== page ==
Thursday, June 19, 2008

A Dog Registered to Vote

So we went out to a lovely Burmese restaurant last night with our hosts (a former Canadian, and former South African / European Muttman) and co-worker (a former New Yorker) and friend (Tasmanian). With a complete lack of native Kiwi, we discussed the many differences between America and New Zealand.

The most striking difference (after you get past the accent and Christmas during the summer time thing) is the total lack of security and a seeming over-abundance of trust.

They are telling us stories of going to get petrel at an inner-city station. The woman's card wasn't working. The guy behind the counter was like, "no worries -- just pay it when you get the chance." Gas is, like, $7 American dollars per gallon over here! That's an amazing amount of money to just let go on the off chance that this stranger will come back with cash.

They had elections for this club, and one of the ladies became the new treasurer. What do you have to do to get the bank to switch things over to your name? Just call them up and let them know that you're the new treasurer. That's it? Yes. When I became the new VP of the Syndicate, we all had to go in person with two picture IDs and sign a multitude of documents and give fingerprints! Well, close.

There is a fairly lengthy application to register to vote over here. Apparently, for rural locations in New Zealand you don't have a street number, so they give you a box where you can sketch a map of your place of residence (they don't want any bad artists registering to vote). They ask you the names of your next door neighbors, and it's, from my understanding, acceptable to write "the fat man is on my left, and the large family with a new baby on the way is on my right." Or you write, "next-door neighbors Ann and Joseph just moved," and they're like, "oh, sure -- we know Ann and Joseph. Nice folk."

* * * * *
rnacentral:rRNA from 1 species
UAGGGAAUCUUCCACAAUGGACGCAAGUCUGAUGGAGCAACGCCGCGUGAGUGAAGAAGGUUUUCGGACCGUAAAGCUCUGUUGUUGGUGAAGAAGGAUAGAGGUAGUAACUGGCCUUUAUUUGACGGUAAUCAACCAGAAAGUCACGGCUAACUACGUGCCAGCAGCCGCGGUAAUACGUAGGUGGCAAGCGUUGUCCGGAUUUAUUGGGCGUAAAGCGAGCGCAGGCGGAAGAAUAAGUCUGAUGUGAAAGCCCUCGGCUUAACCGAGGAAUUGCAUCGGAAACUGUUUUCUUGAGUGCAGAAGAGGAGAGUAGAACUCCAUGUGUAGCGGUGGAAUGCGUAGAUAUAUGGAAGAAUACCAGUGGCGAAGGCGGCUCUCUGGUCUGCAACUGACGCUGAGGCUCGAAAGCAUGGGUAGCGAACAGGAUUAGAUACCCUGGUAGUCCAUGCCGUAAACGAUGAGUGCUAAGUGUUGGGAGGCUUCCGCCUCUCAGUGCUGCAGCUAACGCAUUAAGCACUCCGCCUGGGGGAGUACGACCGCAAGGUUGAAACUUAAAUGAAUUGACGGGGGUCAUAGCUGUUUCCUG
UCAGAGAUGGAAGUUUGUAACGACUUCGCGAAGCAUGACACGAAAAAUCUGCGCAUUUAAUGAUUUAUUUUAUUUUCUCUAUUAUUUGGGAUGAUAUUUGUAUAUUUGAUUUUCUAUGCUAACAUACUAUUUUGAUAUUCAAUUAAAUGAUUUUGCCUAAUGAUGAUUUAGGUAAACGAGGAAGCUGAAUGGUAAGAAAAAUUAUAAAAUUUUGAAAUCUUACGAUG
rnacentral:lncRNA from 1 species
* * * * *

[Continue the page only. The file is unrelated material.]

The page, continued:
This one guy was frustrated with the lack of security here, so he actually registered his dog to vote. And the registration was approved. Fluffy Barksalot is now a proud member of the voting population of New Zealand. So crazy.

The equivalent of the IRS frequently don't even get the social security numbers right over here. It's amazing. 2 years after doing your taxes, you get letters like, "we think you may owe us money, what do you think?"

The inefficiency of this system kind of makes my American head spin, but everyone who has moved here from other countries seem to just love it. They think it's heaven. All of the trust, homeland security not breathing down your neck all the time, tapping your phone. It's a real freedom for them.

From what I can see and hear, the laxness isn't taken advantage of very frequently. So I wonder, the more secure you are, does that make the people around you more hostile and therefore more likely to try to take advantage of your insecurities? I don't mean individuals -- obviously if you leave your door unlocked in a country of locked doors, you're making yourself an easy target. But if the whole country is a country of unlocked doors, is the average small-time criminal mind less threatened and therefore less likely to do anything bad?

So it's less that the people are very trusting over here and more that they live in a culture of trust, where trust is a way of life and is, therefore, largely unquestioned and unchallenged.

All you need is love (wa, da-da-da-da...)?

All Spa-ed Out